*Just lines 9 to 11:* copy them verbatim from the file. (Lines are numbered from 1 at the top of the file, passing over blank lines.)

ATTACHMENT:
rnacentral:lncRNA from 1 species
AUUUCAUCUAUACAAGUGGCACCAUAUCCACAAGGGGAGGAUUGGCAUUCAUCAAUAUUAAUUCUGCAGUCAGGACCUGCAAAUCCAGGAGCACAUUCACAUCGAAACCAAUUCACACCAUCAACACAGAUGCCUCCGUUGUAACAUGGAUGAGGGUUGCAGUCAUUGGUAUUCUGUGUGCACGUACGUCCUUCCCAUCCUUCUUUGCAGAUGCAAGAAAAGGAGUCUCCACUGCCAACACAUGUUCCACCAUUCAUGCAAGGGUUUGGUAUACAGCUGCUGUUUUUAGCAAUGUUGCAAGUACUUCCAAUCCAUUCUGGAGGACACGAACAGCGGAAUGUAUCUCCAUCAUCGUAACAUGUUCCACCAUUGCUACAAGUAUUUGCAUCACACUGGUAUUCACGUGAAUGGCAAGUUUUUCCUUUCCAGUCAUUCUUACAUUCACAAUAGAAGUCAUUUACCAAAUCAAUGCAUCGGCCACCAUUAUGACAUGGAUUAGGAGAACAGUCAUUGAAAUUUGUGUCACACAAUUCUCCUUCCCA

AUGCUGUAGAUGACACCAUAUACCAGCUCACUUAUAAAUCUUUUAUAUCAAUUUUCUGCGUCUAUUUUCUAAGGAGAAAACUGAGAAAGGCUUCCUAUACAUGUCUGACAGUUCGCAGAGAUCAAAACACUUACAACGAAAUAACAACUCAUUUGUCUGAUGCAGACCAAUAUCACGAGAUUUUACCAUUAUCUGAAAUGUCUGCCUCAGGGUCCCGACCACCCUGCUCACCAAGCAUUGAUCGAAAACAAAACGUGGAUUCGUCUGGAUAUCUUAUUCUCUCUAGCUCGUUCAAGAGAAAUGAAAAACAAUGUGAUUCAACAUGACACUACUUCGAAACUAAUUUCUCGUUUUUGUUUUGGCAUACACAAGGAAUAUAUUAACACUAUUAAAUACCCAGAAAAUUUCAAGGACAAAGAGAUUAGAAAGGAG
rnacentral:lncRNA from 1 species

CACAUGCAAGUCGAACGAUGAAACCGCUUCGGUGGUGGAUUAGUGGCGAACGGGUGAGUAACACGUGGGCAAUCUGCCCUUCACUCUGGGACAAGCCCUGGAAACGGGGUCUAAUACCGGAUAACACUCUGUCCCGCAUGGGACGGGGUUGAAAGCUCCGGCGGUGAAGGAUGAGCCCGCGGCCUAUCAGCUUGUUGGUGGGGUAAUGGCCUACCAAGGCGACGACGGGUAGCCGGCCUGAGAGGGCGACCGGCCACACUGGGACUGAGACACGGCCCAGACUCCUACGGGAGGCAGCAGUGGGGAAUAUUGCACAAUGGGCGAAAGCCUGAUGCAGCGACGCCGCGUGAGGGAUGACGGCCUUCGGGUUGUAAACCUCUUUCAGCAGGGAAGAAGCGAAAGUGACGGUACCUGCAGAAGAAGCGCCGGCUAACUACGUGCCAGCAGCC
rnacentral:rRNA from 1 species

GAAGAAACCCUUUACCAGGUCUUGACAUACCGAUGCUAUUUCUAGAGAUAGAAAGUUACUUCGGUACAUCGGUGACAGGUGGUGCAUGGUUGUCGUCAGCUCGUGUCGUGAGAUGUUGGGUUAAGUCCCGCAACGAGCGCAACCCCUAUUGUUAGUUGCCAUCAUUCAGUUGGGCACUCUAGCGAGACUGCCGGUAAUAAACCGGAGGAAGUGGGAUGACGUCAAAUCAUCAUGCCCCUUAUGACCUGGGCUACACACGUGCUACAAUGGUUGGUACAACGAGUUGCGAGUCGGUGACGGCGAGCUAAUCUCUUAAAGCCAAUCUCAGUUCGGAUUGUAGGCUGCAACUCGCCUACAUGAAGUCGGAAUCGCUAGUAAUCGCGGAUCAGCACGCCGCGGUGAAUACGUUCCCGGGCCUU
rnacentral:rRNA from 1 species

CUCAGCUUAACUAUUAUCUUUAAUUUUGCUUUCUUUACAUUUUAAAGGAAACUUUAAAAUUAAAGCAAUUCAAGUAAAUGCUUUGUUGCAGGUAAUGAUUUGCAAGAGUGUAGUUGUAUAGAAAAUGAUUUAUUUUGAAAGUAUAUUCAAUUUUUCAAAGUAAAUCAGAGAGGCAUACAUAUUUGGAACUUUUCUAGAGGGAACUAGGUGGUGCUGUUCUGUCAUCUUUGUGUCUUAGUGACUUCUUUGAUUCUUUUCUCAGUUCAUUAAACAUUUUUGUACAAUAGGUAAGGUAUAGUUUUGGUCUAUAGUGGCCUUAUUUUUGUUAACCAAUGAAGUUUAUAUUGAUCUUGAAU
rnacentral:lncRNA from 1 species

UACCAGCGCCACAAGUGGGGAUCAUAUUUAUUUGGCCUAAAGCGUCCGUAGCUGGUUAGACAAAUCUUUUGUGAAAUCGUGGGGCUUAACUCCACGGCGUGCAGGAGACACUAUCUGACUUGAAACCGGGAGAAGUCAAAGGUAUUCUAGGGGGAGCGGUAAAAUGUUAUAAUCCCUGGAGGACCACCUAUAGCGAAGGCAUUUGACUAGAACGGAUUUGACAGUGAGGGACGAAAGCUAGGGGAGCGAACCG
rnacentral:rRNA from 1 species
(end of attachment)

CUCAGCUUAACUAUUAUCUUUAAUUUUGCUUUCUUUACAUUUUAAAGGAAACUUUAAAAUUAAAGCAAUUCAAGUAAAUGCUUUGUUGCAGGUAAUGAUUUGCAAGAGUGUAGUUGUAUAGAAAAUGAUUUAUUUUGAAAGUAUAUUCAAUUUUUCAAAGUAAAUCAGAGAGGCAUACAUAUUUGGAACUUUUCUAGAGGGAACUAGGUGGUGCUGUUCUGUCAUCUUUGUGUCUUAGUGACUUCUUUGAUUCUUUUCUCAGUUCAUUAAACAUUUUUGUACAAUAGGUAAGGUAUAGUUUUGGUCUAUAGUGGCCUUAUUUUUGUUAACCAAUGAAGUUUAUAUUGAUCUUGAAU
rnacentral:lncRNA from 1 species

UACCAGCGCCACAAGUGGGGAUCAUAUUUAUUUGGCCUAAAGCGUCCGUAGCUGGUUAGACAAAUCUUUUGUGAAAUCGUGGGGCUUAACUCCACGGCGUGCAGGAGACACUAUCUGACUUGAAACCGGGAGAAGUCAAAGGUAUUCUAGGGGGAGCGGUAAAAUGUUAUAAUCCCUGGAGGACCACCUAUAGCGAAGGCAUUUGACUAGAACGGAUUUGACAGUGAGGGACGAAAGCUAGGGGAGCGAACCG